This lapidary quality is the supreme Horatian achievement, the hallmark of his poetry. He ends his famous Mount Soracte ode (“See how deep stands the gleaming snow on/Soracte”) with a description of how a flirtatious girl’s lovely laughter betrays her hiding place in the corner of a Roman piazza:
nunc et latentis proditor intimo
gratus puellae risus ab angulo…
Literally, the words mean this:
Now/too/of a hiding/betraying/ from an intimate
lovely/of a girl/laughter/from a corner
Any translation into syntactically correct English will shatter the cunning effect of the (syntactically correct) Latin, which is capable of a far more elastic word order. To the Roman eye and ear, the first line creates a terrific anticipation, consisting as it does of a series of adjectives describing nouns we don’t encounter until the second line. When we do get there, we realize that the correct relationship between each adjective and its noun is meticulously vertical: hiding/girl, betraying/ laughter, intimate/corner. So the lines in fact produce the very phenomenon they describe: a sound, a mysterious sound that you cannot at first identify because its source is deeply hidden (as is the word angulo) in a corner. Every line of every ode by Horace is this dense, this complex.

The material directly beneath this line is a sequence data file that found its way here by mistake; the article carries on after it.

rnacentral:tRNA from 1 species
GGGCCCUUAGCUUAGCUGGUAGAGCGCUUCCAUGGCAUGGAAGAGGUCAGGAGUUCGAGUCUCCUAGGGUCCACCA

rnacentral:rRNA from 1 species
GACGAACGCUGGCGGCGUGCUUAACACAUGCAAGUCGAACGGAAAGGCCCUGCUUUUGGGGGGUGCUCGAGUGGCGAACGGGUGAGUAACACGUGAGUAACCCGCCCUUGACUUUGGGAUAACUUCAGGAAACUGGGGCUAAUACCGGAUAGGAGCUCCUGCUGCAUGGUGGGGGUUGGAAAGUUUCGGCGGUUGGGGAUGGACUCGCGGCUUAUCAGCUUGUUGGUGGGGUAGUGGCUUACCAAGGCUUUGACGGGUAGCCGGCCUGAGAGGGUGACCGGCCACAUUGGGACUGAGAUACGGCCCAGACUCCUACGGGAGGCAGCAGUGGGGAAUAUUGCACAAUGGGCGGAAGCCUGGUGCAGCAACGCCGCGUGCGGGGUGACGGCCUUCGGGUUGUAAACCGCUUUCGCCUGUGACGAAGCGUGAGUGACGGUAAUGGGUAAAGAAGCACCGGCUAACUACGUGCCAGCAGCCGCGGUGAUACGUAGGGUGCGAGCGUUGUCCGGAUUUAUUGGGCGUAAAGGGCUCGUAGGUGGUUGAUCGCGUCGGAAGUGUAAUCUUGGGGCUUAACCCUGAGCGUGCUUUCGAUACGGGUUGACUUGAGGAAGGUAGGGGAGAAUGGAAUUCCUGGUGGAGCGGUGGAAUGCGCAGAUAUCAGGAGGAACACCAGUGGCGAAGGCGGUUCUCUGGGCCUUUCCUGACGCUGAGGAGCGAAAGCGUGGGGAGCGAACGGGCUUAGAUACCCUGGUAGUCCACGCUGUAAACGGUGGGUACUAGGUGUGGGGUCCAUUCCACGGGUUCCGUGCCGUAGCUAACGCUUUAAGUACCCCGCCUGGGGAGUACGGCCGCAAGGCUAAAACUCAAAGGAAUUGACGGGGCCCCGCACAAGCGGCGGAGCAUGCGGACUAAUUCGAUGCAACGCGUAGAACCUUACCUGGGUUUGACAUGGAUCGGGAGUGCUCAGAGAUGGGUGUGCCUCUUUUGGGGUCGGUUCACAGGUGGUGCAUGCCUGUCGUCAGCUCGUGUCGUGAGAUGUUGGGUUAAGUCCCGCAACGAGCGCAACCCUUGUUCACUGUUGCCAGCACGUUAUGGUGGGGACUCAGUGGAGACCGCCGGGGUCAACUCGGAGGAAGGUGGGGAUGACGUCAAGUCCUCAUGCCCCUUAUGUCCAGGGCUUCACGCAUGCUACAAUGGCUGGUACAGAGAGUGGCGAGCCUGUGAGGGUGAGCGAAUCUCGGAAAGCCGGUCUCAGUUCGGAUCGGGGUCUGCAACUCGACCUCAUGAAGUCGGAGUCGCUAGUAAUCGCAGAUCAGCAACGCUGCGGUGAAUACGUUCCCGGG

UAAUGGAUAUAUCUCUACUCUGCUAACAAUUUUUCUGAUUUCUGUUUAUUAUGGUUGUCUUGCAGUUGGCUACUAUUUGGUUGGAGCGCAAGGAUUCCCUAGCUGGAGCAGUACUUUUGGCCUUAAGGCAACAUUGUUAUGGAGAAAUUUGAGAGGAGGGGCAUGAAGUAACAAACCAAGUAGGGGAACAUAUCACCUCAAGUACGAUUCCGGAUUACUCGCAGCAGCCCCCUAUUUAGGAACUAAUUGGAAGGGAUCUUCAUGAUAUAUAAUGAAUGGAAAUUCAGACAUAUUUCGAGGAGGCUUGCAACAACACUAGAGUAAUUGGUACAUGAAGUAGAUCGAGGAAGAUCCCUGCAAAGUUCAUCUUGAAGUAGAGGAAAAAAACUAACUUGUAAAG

The problem remained of how to give poems composed in those newly useful meters the kind of intellectual heft that suited Roman sensibilities, molded as they were by immersion in the study of rhetoric, focused as they were on the concrete, on the useful; and expressed in the rolling periods, the long, balanced, complex sentences, that so brilliantly distinguish Latin oratory. Horace’s second great technical achievement was to learn to thread complicated and extended ideas through one after the other of the four-line stanzas perfected by Sappho and her peers; in so doing he hit upon an unmistakably poetic way to think like a Roman—and provided, into the bargain, a tautness, variety, and sinew to lyric utterances that had never been achieved before. The energizing tension between the static “mosaic” quality of his diction, which invites you to pause and admire every word, every stanza individually, and the forward-moving pull of his long arcs of thought is what gives Horatian verse its great distinction.